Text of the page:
REPORT THIS POST AS INAPPROPRIATE |  Date Aug. 2 2016 16:34:47

Piwin

Posts: 2349
Joined: Feb. 9 2016
 

RE: Keeping the pulse (in reply to Ricardo

quote:

In context of Buleria the complexity there flies by almost unnoticed at fast tempo.


Wow. It really does. Never noticed it. I'm gonna have to reinstall the ol' VLC player to get a slow motion on this one. And the head scratching begins.
  REPORT THIS POST AS INAPPROPRIATE |  Date Aug. 2 2016 17:45:39
 
sim999

 

Posts: 70
Joined: Aug. 18 2011
 

RE: Keeping the pulse (in reply to Piwin

Nice catch Ricardo. thanks for the explanation. About Al di Meola, he's basically saying the same thing since the start of his career.

Like Ricardo I'm a big fan of the guitar trio and they released some really fantastic material, much more than a bunch of notes if you ask me.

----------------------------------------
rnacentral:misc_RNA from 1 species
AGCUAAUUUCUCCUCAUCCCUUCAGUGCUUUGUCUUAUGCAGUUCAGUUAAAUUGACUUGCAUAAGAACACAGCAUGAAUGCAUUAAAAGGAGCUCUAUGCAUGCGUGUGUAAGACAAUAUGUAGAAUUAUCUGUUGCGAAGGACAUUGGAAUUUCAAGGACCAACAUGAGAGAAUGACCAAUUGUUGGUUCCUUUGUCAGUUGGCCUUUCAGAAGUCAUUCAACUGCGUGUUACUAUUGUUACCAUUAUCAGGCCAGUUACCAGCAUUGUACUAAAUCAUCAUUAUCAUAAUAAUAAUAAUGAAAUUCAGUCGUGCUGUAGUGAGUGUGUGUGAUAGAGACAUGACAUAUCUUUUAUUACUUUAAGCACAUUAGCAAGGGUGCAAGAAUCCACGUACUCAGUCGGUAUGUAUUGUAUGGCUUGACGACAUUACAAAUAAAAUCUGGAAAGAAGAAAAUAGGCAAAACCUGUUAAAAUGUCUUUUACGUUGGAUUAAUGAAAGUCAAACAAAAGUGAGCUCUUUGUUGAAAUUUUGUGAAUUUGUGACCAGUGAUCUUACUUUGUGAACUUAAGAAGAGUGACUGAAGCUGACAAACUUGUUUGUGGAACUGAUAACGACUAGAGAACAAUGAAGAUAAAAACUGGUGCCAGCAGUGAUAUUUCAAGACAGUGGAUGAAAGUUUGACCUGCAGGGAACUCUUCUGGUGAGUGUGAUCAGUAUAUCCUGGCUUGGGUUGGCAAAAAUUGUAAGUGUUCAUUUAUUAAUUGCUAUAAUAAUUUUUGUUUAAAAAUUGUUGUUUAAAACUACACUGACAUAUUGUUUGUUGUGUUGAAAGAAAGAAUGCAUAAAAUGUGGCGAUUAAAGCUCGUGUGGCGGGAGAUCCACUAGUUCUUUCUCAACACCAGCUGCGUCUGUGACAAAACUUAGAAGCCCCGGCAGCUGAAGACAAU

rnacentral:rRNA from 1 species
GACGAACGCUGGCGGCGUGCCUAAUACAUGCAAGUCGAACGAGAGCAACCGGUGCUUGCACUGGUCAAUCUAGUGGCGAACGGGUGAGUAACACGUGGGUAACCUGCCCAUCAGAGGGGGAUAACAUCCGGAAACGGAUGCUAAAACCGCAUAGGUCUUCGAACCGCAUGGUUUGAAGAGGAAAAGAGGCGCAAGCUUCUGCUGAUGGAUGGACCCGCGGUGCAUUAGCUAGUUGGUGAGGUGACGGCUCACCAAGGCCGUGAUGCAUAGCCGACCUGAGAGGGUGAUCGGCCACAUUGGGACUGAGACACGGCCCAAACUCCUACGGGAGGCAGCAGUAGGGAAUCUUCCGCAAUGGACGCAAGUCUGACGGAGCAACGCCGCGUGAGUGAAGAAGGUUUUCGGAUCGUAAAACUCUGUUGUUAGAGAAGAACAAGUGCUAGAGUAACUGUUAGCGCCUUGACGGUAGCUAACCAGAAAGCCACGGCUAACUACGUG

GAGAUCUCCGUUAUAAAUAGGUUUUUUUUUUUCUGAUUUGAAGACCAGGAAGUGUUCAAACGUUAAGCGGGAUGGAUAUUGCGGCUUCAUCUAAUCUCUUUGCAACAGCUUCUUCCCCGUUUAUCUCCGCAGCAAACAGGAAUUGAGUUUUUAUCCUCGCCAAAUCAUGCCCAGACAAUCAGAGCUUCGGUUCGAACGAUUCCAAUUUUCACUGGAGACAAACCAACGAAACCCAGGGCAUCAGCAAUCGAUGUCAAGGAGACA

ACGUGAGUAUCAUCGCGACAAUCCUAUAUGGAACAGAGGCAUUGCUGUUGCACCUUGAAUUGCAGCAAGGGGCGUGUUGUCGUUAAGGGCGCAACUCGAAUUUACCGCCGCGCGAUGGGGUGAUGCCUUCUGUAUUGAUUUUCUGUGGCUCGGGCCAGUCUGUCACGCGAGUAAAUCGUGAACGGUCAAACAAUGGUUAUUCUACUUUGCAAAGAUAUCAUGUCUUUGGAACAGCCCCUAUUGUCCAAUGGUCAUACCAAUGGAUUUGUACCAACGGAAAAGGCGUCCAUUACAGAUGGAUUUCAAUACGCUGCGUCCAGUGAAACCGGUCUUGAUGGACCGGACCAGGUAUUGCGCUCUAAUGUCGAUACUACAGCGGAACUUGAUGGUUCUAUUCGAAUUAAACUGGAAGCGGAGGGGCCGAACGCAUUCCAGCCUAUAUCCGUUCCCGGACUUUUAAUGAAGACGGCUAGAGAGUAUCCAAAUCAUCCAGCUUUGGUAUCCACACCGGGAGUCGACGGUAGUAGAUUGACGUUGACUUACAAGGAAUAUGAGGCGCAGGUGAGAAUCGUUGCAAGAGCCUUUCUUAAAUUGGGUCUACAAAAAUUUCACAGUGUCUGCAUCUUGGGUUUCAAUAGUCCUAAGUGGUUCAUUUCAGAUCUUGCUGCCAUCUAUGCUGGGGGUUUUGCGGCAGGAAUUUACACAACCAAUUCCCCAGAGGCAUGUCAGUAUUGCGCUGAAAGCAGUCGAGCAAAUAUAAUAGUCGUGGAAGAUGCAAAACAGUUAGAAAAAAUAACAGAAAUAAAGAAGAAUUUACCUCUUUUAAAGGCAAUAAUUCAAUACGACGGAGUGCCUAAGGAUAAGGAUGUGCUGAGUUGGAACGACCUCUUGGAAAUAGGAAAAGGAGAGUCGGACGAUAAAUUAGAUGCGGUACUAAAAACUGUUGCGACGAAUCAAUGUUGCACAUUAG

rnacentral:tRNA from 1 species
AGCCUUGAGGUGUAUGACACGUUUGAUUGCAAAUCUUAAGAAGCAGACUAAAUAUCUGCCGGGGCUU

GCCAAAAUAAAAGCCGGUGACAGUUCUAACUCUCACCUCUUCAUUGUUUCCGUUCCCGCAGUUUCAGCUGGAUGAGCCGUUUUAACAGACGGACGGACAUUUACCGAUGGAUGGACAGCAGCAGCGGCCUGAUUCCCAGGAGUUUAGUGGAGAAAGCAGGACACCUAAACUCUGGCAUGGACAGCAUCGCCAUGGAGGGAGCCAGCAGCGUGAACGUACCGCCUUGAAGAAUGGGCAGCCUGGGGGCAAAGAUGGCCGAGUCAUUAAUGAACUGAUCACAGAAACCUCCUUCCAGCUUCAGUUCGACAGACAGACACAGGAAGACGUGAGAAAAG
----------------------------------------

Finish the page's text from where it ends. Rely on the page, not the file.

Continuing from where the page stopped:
"Friday Night in San Francisco" is really great for the live performance and the energy. "Passion Grace And Fire" and "The Guitar Trio" are also
great efforts, there are some really cool tunes on these : "Aspan", "Chiquito", "David", "La Estiba", Beyond The mirage" "Azzura" !

I don't really like Al di meola as a player. I like mainly his acoustic work : "World Sinfonia". There is great version of la cathedral by barrios one the first album. For the trio he wrote some great tunes.
I don't care about his electric stuff. They are plenty of players in this category that are way better than him if you ask me. Guys like Bireli Lagrène or Pat Metheny are way above (like really above :p) him
both rhythmically and harmonically.